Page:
Legal Eagle Eye Newsletter for the Nursing Profession (3)11 Aug 95


   Quick Summary: The effect of Federal pre-emption under ERISA is that employer-managed employee-benefit plans can make utilization-review decisions without coming under the scrutiny of state-court lawsuits alleging negligence. The merits of a negligence suit are not even to be considered, as in this case.


   ERISA is the Federal Employee Retirement Income Security Act. It was passed by Congress to protect employees’ vested rights in retirement pensions. Since its original passage, ERISA has been broadened to "replace a patchwork scheme of state regulation of employee benefit plans with a uniform set of Federal regulations," according to the U.S. Circuit Court of Appeals, Sixth Circuit. ERISA applies to employer-managed health plans. Pre-emption is a legal rule which says that the field of employer-managed health plans is no longer subject to suits under state-law principles of negligence.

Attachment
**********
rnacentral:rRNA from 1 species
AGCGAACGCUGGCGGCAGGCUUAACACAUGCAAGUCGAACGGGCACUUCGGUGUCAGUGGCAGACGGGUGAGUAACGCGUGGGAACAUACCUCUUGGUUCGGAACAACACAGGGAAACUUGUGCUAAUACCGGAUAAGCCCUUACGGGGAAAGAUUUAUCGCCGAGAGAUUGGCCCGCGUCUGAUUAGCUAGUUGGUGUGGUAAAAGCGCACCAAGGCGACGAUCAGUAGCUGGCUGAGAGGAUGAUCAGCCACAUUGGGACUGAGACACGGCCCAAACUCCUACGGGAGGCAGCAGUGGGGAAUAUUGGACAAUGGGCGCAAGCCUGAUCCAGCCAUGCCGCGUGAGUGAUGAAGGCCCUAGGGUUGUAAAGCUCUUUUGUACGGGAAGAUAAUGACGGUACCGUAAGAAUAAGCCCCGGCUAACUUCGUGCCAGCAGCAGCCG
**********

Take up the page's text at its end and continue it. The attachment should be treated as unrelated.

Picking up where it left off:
In this case, the U.S. Sixth Circuit Court of Appeals threw out a suit alleging that a patient’s suicide was brought about by the refusal of his employee-benefit plan to authorize inpatient admission for crack addiction, psychiatric problems and expressed suicidal ideation. The plan had a policy, based on utilization-review considerations, that no patient would be admitted for inpatient chemical dependency treatment until the patient had successfully met the "challenge" of trying to remain drug-free for five days without treatment. The implication was that patients who refuse to take the "challenge" represent substantial risks of unsuccessful treatment outcomes and are not an appropriate place to allocate scarce treatment resources.. Tolton vs. American Biodyne, Inc., 48 F. 3d 937 (6th Cir., 1995).